An MP has broken down in the House of Commons while speaking about the sudden death of her 5-day-old son.
Antoinette Sandbach told of how she woke up in the night to find her baby not breathing. She said a crash team was waiting at the hospital but it was "too late".
The Conservative MP for Eddisbury, Cheshire, was speaking in a late-night debate on Monday. She was among those calling on ministers to make sure there is better support for bereaved parents in hospitals.
Her son Sam died of sudden infant death syndrome in 2009, five days after he was born. "The night my son died, I woke to find him not breathing," Sandbach said. "Arriving at hospital, after looking at a flat line in the ambulance for more than 20 minutes, a crash team was waiting for me, but it was too late.
"The consultant neonatologist was a calm and reassuring presence, and the nursing staff were patient. I readily agreed to a postmortem, as I wanted to know exactly what had happened.
"Staff at the hospital were wonderful, but I found myself in a plain room with questions being asked of me. I was told that I had to wait for the police. I had left in such a panic that I had left my telephone behind and I could not remember any telephone numbers, and I was there on my own."
At this point she broke down in tears. Tory MP Mark Menzies intervened to allow her to recover, praising her "very powerful and emotional contribution".
Tory MP Will Quince, who led the debate, spoke about the moment his son was stillborn last year. He said his son had been diagnosed with Edwards syndrome, a rare genetic condition, but survived to full-term.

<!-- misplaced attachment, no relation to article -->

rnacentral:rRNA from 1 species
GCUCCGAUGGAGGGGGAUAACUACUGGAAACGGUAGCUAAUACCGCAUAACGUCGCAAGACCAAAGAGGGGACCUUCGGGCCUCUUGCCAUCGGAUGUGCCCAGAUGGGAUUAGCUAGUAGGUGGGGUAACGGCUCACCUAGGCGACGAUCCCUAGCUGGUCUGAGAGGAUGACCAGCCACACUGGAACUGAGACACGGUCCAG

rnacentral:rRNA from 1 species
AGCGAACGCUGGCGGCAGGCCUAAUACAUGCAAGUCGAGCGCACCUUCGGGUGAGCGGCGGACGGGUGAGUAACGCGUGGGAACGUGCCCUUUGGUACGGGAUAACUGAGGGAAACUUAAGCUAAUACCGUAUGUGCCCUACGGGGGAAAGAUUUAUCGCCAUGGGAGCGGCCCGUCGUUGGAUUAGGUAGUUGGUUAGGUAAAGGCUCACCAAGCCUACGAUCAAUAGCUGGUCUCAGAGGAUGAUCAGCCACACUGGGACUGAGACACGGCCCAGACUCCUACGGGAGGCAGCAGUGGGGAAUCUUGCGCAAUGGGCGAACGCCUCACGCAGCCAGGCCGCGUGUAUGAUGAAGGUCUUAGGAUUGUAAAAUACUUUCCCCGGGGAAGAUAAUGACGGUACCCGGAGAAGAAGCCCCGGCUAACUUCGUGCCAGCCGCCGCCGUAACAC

In an emotional speech, he spoke of how he and his wife were given a specialist bereavement suite at Colchester General Hospital "away from the noise of crying babies and happy parents and families".
The Colchester MP said: "Even though I was absolutely aware of the likely outcome when I entered the Rosemary Suite back in October last year, nothing can prepare you for the shock and the numbness that comes from seeing your wife give birth to a lifeless baby.
"The precious hours we spent in what I can only describe as beautiful silence afterwards helped me and my wife come to terms with what had just happened. No parent should have to face being taken to a room in a maternity ward with crying babies when you have just gone through a stillbirth."
Quince said he had assumed that every maternity unit had a bereavement suite. "But sadly this is far from the truth," he said. "I have heard shocking stories of a lack of compassion and care shown to parents of still born babies in maternity units."
Health minister Ben Gummer promised to ensure that "we get a proper assessment of the number of bereavement suites".
He said: "I hope that in finding out how great is the extent of the lack of provision in other hospitals, we can do something to address this in the months ahead.
"The National Health Service does not really mean anything unless we care for those whom health is not the end point. It is the selflessness of care that should lie at the heart of our National Health Service because it is that foundation on which we then build medical help.
"That is no more a case than in this where people suffer at the point of greatest expectation and of hope and of joy, the deepest sense of tragedy."